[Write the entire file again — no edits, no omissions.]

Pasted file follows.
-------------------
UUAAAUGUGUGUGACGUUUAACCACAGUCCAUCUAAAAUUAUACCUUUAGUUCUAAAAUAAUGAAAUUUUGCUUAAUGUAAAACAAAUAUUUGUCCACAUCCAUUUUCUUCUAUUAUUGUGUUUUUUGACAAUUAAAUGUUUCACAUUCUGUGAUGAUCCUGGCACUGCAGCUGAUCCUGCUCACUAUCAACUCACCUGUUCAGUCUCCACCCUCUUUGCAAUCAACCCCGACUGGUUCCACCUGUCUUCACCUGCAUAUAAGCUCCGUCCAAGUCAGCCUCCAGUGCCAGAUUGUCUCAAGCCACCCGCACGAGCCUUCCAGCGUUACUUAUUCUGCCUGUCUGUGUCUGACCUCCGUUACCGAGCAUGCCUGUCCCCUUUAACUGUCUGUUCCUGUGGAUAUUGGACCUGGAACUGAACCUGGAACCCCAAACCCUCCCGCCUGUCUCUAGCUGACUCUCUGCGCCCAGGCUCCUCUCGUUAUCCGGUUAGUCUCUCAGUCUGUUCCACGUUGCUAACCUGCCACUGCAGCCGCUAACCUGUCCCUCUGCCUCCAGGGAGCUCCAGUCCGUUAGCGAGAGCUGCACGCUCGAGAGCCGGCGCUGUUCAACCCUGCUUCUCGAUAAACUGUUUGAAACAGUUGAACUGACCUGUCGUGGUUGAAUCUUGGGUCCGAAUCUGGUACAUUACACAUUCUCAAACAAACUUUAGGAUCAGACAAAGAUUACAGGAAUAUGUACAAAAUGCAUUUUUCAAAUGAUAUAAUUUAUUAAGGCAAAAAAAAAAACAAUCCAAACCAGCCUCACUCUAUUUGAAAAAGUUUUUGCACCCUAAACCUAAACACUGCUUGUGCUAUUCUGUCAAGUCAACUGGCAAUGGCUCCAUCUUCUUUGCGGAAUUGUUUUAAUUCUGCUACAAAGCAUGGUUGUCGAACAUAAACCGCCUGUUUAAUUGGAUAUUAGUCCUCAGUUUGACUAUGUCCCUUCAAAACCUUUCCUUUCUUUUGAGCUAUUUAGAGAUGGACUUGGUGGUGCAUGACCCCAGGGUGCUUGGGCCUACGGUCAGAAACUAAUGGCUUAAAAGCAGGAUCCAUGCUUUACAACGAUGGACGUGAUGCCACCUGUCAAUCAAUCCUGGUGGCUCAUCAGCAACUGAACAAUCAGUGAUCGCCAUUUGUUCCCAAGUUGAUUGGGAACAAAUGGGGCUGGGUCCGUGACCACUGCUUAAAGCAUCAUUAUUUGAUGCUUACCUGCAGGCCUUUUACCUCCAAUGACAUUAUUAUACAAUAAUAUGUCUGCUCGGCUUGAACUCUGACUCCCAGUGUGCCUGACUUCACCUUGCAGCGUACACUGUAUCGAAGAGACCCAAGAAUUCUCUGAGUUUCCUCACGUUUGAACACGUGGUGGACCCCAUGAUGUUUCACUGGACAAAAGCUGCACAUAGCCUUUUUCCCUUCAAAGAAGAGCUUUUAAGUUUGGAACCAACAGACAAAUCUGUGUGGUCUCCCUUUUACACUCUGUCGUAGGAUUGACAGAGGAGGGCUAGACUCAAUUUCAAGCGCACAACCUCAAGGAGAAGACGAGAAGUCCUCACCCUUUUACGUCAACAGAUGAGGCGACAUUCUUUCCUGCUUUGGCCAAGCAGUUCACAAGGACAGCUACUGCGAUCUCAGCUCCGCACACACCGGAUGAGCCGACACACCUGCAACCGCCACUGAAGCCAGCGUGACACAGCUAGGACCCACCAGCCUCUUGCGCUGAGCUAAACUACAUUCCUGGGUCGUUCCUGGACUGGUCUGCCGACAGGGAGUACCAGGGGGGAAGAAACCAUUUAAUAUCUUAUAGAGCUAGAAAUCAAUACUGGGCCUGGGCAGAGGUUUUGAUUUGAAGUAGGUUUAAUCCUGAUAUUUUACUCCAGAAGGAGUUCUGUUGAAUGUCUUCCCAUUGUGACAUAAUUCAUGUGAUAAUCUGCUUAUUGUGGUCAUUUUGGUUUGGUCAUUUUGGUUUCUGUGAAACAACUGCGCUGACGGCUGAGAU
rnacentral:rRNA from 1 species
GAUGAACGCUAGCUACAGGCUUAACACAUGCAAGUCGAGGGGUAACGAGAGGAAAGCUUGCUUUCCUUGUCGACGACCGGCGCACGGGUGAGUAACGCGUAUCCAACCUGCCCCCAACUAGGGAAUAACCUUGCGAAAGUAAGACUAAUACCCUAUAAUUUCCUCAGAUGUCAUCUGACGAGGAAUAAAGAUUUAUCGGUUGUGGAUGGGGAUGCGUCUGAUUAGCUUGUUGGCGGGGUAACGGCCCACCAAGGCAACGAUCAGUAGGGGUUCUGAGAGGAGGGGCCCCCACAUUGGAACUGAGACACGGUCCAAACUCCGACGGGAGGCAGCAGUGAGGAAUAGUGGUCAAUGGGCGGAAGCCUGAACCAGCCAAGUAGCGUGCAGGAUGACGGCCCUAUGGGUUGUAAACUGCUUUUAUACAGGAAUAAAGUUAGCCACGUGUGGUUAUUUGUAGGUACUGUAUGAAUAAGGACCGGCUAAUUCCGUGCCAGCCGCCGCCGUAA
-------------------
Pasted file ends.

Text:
UUAAAUGUGUGUGACGUUUAACCACAGUCCAUCUAAAAUUAUACCUUUAGUUCUAAAAUAAUGAAAUUUUGCUUAAUGUAAAACAAAUAUUUGUCCACAUCCAUUUUCUUCUAUUAUUGUGUUUUUUGACAAUUAAAUGUUUCACAUUCUGUGAUGAUCCUGGCACUGCAGCUGAUCCUGCUCACUAUCAACUCACCUGUUCAGUCUCCACCCUCUUUGCAAUCAACCCCGACUGGUUCCACCUGUCUUCACCUGCAUAUAAGCUCCGUCCAAGUCAGCCUCCAGUGCCAGAUUGUCUCAAGCCACCCGCACGAGCCUUCCAGCGUUACUUAUUCUGCCUGUCUGUGUCUGACCUCCGUUACCGAGCAUGCCUGUCCCCUUUAACUGUCUGUUCCUGUGGAUAUUGGACCUGGAACUGAACCUGGAACCCCAAACCCUCCCGCCUGUCUCUAGCUGACUCUCUGCGCCCAGGCUCCUCUCGUUAUCCGGUUAGUCUCUCAGUCUGUUCCACGUUGCUAACCUGCCACUGCAGCCGCUAACCUGUCCCUCUGCCUCCAGGGAGCUCCAGUCCGUUAGCGAGAGCUGCACGCUCGAGAGCCGGCGCUGUUCAACCCUGCUUCUCGAUAAACUGUUUGAAACAGUUGAACUGACCUGUCGUGGUUGAAUCUUGGGUCCGAAUCUGGUACAUUACACAUUCUCAAACAAACUUUAGGAUCAGACAAAGAUUACAGGAAUAUGUACAAAAUGCAUUUUUCAAAUGAUAUAAUUUAUUAAGGCAAAAAAAAAAACAAUCCAAACCAGCCUCACUCUAUUUGAAAAAGUUUUUGCACCCUAAACCUAAACACUGCUUGUGCUAUUCUGUCAAGUCAACUGGCAAUGGCUCCAUCUUCUUUGCGGAAUUGUUUUAAUUCUGCUACAAAGCAUGGUUGUCGAACAUAAACCGCCUGUUUAAUUGGAUAUUAGUCCUCAGUUUGACUAUGUCCCUUCAAAACCUUUCCUUUCUUUUGAGCUAUUUAGAGAUGGACUUGGUGGUGCAUGACCCCAGGGUGCUUGGGCCUACGGUCAGAAACUAAUGGCUUAAAAGCAGGAUCCAUGCUUUACAACGAUGGACGUGAUGCCACCUGUCAAUCAAUCCUGGUGGCUCAUCAGCAACUGAACAAUCAGUGAUCGCCAUUUGUUCCCAAGUUGAUUGGGAACAAAUGGGGCUGGGUCCGUGACCACUGCUUAAAGCAUCAUUAUUUGAUGCUUACCUGCAGGCCUUUUACCUCCAAUGACAUUAUUAUACAAUAAUAUGUCUGCUCGGCUUGAACUCUGACUCCCAGUGUGCCUGACUUCACCUUGCAGCGUACACUGUAUCGAAGAGACCCAAGAAUUCUCUGAGUUUCCUCACGUUUGAACACGUGGUGGACCCCAUGAUGUUUCACUGGACAAAAGCUGCACAUAGCCUUUUUCCCUUCAAAGAAGAGCUUUUAAGUUUGGAACCAACAGACAAAUCUGUGUGGUCUCCCUUUUACACUCUGUCGUAGGAUUGACAGAGGAGGGCUAGACUCAAUUUCAAGCGCACAACCUCAAGGAGAAGACGAGAAGUCCUCACCCUUUUACGUCAACAGAUGAGGCGACAUUCUUUCCUGCUUUGGCCAAGCAGUUCACAAGGACAGCUACUGCGAUCUCAGCUCCGCACACACCGGAUGAGCCGACACACCUGCAACCGCCACUGAAGCCAGCGUGACACAGCUAGGACCCACCAGCCUCUUGCGCUGAGCUAAACUACAUUCCUGGGUCGUUCCUGGACUGGUCUGCCGACAGGGAGUACCAGGGGGGAAGAAACCAUUUAAUAUCUUAUAGAGCUAGAAAUCAAUACUGGGCCUGGGCAGAGGUUUUGAUUUGAAGUAGGUUUAAUCCUGAUAUUUUACUCCAGAAGGAGUUCUGUUGAAUGUCUUCCCAUUGUGACAUAAUUCAUGUGAUAAUCUGCUUAUUGUGGUCAUUUUGGUUUGGUCAUUUUGGUUUCUGUGAAACAACUGCGCUGACGGCUGAGAU
rnacentral:rRNA from 1 species
GAUGAACGCUAGCUACAGGCUUAACACAUGCAAGUCGAGGGGUAACGAGAGGAAAGCUUGCUUUCCUUGUCGACGACCGGCGCACGGGUGAGUAACGCGUAUCCAACCUGCCCCCAACUAGGGAAUAACCUUGCGAAAGUAAGACUAAUACCCUAUAAUUUCCUCAGAUGUCAUCUGACGAGGAAUAAAGAUUUAUCGGUUGUGGAUGGGGAUGCGUCUGAUUAGCUUGUUGGCGGGGUAACGGCCCACCAAGGCAACGAUCAGUAGGGGUUCUGAGAGGAGGGGCCCCCACAUUGGAACUGAGACACGGUCCAAACUCCGACGGGAGGCAGCAGUGAGGAAUAGUGGUCAAUGGGCGGAAGCCUGAACCAGCCAAGUAGCGUGCAGGAUGACGGCCCUAUGGGUUGUAAACUGCUUUUAUACAGGAAUAAAGUUAGCCACGUGUGGUUAUUUGUAGGUACUGUAUGAAUAAGGACCGGCUAAUUCCGUGCCAGCCGCCGCCGUAA